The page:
Chapter 3, Part 2: Facing the "Imbeciles"
Did lawmakers want answers when they made Martin Shkreli appear at a hearing on drug prices in 2016? Or did they want a show?
“Is it pronounced ‘Shkrel-EE?’”
Congressman Trey Gowdy’s voice was kind, even avuncular, as he addressed Martin, who was seated before him at the House Oversight Committee room nominally to testify about drug pricing on Feb. 4, 2016.
“Yes, sir,” Martin replied.
Gowdy pounced. “See, you can answer some questions,” the silver-haired Republican from South Carolina said. “That one didn’t incriminate you.”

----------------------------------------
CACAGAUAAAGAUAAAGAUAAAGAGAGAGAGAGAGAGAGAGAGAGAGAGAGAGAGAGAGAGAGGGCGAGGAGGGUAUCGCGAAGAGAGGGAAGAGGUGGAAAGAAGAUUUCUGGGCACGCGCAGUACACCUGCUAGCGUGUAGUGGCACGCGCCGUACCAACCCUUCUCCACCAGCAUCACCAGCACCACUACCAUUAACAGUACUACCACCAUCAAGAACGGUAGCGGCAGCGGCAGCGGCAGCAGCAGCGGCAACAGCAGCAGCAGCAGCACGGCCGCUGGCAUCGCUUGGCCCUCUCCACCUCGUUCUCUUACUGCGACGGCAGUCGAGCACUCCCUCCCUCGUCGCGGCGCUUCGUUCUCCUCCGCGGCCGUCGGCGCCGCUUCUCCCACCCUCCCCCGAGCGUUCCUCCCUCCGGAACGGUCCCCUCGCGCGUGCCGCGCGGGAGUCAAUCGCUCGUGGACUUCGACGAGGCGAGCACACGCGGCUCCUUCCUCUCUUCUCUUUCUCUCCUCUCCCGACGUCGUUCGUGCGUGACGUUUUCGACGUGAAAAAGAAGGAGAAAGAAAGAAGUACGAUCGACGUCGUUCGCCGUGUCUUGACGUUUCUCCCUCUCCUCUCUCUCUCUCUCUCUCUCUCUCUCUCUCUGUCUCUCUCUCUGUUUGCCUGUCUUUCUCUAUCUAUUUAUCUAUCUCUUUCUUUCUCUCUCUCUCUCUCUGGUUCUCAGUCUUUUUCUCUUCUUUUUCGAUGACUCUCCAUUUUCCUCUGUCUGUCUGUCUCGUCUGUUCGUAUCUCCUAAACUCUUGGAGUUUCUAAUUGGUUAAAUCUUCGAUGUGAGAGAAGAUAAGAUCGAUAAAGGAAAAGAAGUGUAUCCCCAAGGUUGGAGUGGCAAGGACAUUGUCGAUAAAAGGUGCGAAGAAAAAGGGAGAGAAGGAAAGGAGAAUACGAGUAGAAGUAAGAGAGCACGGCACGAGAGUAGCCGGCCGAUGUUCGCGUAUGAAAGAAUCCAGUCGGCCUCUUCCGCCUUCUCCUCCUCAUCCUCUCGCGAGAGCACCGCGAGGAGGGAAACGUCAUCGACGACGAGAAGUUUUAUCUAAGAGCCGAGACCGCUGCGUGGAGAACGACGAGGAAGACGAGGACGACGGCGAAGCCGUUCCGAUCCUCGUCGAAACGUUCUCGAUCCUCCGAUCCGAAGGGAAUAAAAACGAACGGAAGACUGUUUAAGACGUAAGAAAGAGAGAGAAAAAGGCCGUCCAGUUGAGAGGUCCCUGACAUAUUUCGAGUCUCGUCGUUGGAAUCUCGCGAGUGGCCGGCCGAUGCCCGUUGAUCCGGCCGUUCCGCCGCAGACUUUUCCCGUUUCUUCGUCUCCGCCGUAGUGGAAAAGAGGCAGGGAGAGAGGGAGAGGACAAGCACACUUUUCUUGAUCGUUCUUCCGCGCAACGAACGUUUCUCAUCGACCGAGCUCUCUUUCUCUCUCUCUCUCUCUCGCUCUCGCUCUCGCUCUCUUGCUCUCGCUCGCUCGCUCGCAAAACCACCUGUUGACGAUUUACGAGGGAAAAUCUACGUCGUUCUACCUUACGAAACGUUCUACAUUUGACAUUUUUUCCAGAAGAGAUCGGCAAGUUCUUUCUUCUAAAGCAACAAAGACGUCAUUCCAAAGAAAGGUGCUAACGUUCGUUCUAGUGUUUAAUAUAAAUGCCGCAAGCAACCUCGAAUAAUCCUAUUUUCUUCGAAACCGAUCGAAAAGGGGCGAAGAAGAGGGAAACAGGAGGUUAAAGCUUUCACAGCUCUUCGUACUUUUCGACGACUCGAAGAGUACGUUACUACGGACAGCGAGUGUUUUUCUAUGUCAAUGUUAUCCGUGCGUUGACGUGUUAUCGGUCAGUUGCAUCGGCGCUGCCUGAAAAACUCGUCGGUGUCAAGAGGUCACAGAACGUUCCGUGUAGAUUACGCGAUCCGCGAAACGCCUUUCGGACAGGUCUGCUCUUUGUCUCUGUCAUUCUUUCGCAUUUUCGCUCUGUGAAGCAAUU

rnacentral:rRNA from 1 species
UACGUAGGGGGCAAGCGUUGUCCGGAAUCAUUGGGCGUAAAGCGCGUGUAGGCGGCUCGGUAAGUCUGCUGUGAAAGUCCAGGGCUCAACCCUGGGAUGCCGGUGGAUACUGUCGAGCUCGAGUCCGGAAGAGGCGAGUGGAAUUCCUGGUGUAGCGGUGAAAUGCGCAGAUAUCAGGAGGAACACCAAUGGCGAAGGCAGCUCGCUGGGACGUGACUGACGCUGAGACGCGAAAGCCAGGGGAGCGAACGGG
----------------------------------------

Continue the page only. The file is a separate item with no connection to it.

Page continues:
Less than two months after Martin had been arrested (in highly visible fashion) on securities fraud charges — launching a wave of schadenfreude that rippled across the internet — the committee had called him to testify based on the scandal for which he was and is best known: raising the price of Daraprim, a toxoplasmosis treatment, by 5,000 percent.
His lawyers had strenuously advised him against speaking under oath because of possible complications for the ongoing criminal case. The committee was told he would likely invoke his Fifth Amendment privilege to avoid answering questions. But the lawmakers subpoenaed him anyway.